Even though she was a Republican until the 90s, I like Elizabeth Warren. I like so many of her policies — I even just like that she has policy ideas — but the Native people I follow on twitter still consider her aggressively racist. I am listening to them. I’ve been trying to find more writings by Native/Indigenous people about what Elizabeth Warren should do to begin repairing the harm she has done and continues doing.

There are many articles explaining how and why Warren’s actions have been racist against indigenous people (Google it if you haven’t heard), but I haven’t (yet) found many stating what she should do to begin making real amends.

On twitter, someone replied to a thread — someone, it turns out, who is a freelance writer and co-author of this amazing piece explaining Warren’s racism! — with what seems (to me, at least) like a decent summary of what Warren should do. I’d love for Warren’s campaign staff to read these suggestions and take them seriously, perhaps reach out to this person and talk with them more:

In text (images follow), tweets by Cole DeLaune @ColeDeLaune1:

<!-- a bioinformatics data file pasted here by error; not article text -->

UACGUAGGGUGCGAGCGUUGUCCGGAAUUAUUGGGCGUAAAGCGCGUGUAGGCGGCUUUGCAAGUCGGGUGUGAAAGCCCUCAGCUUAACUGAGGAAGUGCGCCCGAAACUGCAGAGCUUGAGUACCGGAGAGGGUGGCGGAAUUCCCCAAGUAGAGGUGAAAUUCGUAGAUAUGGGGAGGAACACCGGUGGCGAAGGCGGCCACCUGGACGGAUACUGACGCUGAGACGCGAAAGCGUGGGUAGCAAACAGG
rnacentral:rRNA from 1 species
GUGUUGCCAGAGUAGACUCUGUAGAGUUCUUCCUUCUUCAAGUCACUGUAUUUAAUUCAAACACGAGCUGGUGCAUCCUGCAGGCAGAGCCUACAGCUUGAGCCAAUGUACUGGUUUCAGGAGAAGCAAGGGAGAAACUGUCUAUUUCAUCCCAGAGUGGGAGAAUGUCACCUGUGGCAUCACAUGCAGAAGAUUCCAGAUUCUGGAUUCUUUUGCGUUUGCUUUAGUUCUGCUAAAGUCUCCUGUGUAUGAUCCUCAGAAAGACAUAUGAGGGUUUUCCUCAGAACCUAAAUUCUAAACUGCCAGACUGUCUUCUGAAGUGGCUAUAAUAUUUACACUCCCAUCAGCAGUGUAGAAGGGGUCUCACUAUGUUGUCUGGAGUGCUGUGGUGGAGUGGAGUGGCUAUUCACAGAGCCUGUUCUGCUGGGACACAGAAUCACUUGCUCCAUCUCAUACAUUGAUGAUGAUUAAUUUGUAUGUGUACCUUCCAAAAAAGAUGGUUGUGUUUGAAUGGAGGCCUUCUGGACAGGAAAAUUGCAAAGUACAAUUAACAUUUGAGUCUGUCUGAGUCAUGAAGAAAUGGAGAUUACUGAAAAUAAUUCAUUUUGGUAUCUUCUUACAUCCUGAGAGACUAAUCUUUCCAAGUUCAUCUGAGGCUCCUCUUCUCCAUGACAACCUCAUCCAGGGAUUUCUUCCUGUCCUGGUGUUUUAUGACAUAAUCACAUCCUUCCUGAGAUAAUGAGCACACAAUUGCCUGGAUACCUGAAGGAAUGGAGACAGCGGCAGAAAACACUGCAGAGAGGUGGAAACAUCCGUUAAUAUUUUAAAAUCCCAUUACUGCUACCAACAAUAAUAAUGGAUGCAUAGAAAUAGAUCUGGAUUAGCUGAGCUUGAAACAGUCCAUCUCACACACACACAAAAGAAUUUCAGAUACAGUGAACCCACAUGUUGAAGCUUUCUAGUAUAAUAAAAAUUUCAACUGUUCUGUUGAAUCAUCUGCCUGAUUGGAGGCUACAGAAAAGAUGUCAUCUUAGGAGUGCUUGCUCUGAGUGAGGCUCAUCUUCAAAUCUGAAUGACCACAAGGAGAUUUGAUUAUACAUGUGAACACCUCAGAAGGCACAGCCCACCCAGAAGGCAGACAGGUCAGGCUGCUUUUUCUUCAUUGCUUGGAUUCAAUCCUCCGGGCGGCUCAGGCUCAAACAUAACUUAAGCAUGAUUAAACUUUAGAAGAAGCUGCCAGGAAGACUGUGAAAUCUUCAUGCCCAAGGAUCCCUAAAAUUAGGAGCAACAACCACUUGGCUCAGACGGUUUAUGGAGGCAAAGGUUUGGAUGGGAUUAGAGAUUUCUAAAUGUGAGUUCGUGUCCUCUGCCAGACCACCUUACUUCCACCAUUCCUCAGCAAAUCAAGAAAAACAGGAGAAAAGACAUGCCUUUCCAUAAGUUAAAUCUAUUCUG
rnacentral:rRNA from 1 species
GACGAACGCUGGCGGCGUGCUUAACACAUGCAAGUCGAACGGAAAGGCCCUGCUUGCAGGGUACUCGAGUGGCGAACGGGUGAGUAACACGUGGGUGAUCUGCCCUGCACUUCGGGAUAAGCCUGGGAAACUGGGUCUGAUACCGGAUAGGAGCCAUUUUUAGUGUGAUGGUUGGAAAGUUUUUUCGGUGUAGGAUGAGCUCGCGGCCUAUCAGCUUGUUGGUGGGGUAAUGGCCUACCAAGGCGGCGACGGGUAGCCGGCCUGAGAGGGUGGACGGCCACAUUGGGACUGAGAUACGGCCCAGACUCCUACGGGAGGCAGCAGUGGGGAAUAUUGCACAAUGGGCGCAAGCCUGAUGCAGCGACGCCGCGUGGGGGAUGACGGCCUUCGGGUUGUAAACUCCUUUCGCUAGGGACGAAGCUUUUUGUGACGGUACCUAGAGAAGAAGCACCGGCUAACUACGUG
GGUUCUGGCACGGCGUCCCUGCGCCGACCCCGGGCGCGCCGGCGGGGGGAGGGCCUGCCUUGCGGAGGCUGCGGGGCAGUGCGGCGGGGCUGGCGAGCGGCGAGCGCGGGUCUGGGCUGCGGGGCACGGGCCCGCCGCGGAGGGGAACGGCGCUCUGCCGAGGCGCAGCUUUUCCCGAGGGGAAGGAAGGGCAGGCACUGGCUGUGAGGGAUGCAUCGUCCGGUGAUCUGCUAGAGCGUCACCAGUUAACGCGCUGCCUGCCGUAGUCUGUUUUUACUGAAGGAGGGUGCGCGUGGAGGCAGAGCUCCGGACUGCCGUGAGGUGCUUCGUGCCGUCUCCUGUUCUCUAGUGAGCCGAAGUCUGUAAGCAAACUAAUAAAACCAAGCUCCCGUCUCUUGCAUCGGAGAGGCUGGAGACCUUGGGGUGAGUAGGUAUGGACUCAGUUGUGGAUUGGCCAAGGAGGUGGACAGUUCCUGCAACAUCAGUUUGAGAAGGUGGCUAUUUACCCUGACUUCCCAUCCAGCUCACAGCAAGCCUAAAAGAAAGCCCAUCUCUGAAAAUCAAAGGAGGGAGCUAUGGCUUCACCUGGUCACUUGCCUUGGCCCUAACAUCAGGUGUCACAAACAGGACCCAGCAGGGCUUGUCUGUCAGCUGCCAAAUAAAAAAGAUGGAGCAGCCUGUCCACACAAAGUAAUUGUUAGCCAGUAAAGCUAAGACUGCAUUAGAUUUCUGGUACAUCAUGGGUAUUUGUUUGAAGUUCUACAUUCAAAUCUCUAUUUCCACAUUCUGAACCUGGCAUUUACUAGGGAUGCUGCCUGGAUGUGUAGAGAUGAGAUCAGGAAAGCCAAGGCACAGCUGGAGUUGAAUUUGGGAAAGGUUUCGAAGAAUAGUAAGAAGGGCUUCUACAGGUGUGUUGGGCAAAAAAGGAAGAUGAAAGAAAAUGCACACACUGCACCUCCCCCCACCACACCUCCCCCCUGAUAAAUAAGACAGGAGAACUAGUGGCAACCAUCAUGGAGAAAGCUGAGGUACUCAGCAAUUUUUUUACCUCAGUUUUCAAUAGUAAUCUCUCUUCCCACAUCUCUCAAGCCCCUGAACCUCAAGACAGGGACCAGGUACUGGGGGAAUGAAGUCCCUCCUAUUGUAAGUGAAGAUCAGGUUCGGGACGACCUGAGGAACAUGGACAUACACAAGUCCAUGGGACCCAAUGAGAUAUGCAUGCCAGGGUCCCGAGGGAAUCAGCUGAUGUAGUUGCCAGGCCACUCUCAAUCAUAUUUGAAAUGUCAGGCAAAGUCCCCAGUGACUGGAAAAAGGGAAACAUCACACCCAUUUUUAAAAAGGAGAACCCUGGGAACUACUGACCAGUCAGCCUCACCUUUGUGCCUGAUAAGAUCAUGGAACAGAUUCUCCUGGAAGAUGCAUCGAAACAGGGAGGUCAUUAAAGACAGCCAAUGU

What would be the beginning (not the end) of the conversation re #ElizabethWarren fostering a relationship with Indigenous America that’s not aggressively racist:

1) a mea culpa that accounts for all components of her decades-long anti-Indigenous record

(1/2)

2) denunciation of the bigotry of her supporters (like the #Brokeahontas hashtag) + acknowledgement of how she contributed to that dynamic

3) inclusion + representation of Indigenous/CNO perspectives in leadership team even if inconvenient 4 her personally

#ElizabethWarren 2/2

Affirming the existence of Indigenous America in her broader at-large policies (ie publicly including tribal institutions in her higher ed overhaul) would also be helpful

https://twitter.com/ColeDeLaune1/status/1129139485063540736?s=20
https://twitter.com/ColeDeLaune1/status/1129141102924058624?s=20
https://twitter.com/ColeDeLaune1/status/1129141427877715968

Senator Collins, please vote no on the tax bill

Passing time after dropping off my daughters at their afternoon writing groups, waiting until the end-of-class celebration, I decided to stop in to Senator Collins’ office.

It’s super-easy to drop in and write a little note. There’s a form to fill out in the waiting room and the guy at reception was friendly. Continue reading

“4-page guide to surviving an authoritarian regime, in graphic form” #LearnFromEurope 

from twitter:

The COMPLETE 4-page Guide to Surviving an Authoritarian Regime, in graphic form
-With love, your Eastern European friends✌️ #LearnFromEurope

— 🇪🇺Martin Mycielski (@mycielski) January 25, 2017 Continue reading